I write—about the arts, about people, travel, and lobsters—to explore how and why certain things capture our attention. For me writing is a compelling, absorbing engagement with discovery.
Who is the audience for your book?
Primary audience: People interested in history, culture, art, nature, humor, and the creative impulse.
Secondary audience: Anyone who has ever eaten, or thought about eating, a lobster.
What three features distinguish your book from similar titles on the market?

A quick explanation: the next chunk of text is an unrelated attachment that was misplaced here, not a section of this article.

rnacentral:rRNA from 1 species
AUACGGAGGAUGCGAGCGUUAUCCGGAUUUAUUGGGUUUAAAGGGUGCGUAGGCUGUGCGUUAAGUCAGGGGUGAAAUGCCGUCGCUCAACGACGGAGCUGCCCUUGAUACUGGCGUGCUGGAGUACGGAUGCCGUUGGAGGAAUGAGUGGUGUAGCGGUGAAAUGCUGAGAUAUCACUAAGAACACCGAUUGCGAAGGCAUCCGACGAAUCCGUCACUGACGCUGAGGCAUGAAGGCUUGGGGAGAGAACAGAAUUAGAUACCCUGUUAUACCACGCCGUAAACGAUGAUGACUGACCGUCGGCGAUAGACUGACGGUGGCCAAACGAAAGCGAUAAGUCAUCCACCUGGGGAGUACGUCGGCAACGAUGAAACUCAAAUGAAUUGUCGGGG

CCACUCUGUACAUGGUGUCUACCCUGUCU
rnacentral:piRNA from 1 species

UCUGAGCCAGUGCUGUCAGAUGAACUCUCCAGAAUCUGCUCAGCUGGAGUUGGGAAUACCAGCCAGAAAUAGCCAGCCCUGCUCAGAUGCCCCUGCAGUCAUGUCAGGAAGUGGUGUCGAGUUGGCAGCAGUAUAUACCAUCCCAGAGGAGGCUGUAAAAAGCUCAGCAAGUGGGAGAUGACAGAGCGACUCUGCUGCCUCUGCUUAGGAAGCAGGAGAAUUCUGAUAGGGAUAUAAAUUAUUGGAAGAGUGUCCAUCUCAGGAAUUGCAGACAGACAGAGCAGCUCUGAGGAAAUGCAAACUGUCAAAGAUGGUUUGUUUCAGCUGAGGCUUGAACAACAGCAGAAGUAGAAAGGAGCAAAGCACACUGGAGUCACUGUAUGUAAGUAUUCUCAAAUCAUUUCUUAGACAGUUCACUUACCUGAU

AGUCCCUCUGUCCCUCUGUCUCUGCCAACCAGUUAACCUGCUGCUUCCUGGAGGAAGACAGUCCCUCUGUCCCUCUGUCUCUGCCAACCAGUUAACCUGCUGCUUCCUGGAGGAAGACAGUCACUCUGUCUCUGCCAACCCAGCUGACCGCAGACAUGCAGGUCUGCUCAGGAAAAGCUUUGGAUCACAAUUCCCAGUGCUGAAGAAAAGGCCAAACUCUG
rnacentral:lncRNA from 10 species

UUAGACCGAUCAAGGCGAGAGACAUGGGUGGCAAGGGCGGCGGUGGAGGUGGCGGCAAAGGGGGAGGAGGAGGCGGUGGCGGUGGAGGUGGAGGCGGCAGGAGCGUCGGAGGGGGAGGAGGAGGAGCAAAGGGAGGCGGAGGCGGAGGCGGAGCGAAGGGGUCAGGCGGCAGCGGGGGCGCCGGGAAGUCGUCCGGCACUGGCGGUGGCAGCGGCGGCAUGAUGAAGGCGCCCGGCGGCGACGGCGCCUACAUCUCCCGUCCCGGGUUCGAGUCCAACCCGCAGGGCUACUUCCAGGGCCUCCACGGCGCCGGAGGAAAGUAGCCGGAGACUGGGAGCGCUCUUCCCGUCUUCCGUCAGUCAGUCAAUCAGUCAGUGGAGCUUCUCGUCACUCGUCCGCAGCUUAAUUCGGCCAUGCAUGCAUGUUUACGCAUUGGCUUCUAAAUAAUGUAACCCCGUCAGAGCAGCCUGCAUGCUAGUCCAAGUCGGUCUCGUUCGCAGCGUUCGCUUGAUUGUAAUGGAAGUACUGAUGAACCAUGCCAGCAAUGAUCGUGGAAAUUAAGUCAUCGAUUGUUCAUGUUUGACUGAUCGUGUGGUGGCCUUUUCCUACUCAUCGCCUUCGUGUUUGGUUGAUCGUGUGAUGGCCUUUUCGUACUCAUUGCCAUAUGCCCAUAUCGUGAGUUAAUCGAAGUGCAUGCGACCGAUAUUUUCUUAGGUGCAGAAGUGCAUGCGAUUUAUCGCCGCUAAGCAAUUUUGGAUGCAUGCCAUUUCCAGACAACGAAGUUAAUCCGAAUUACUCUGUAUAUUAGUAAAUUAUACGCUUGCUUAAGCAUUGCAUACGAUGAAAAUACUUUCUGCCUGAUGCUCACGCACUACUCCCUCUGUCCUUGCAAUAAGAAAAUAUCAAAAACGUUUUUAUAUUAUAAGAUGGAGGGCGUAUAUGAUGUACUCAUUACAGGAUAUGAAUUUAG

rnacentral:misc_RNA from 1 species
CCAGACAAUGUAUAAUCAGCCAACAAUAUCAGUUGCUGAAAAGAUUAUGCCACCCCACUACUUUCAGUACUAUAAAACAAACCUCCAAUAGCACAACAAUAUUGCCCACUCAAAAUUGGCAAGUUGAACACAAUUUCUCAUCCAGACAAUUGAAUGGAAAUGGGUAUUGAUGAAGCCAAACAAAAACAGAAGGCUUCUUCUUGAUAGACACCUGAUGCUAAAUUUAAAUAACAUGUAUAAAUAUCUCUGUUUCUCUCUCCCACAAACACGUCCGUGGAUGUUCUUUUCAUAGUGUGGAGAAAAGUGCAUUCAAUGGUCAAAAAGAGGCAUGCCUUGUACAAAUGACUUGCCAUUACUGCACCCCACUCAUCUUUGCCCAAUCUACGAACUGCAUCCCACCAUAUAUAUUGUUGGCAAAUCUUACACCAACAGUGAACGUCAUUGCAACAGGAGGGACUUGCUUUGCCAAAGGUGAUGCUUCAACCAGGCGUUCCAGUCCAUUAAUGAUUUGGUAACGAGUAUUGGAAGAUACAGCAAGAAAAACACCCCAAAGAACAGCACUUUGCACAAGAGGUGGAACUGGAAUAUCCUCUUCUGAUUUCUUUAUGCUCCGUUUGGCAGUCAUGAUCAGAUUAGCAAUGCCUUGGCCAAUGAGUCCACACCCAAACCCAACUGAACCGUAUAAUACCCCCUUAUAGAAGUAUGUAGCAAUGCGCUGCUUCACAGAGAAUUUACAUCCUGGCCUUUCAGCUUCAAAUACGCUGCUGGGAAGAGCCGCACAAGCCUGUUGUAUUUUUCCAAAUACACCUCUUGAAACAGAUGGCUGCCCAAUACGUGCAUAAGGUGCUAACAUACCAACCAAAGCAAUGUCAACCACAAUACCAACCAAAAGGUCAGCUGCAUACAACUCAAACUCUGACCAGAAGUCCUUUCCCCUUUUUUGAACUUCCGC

1. It is more diverse, ambitious, personal, opinionated, challenging, racy, idiosyncratic and surprising than any other book about lobsters.
2. It has a lot of funny parts. It also has monsters, medical mysteries, fine art, poetry and recipes.
3. It is an adventure in a world that has never been similarly visited.
What books have a similar audience to that of your book?
Consider the Oyster by M. F. K. Fisher, The Secret Life of Lobsters by Trevor Corson, Cod, Mark Kurlansky, The Oysters of Locmariaquer by Eleanor Clark, Moby Dick by Herman Melville, Alice in Wonderland by Lewis Carroll.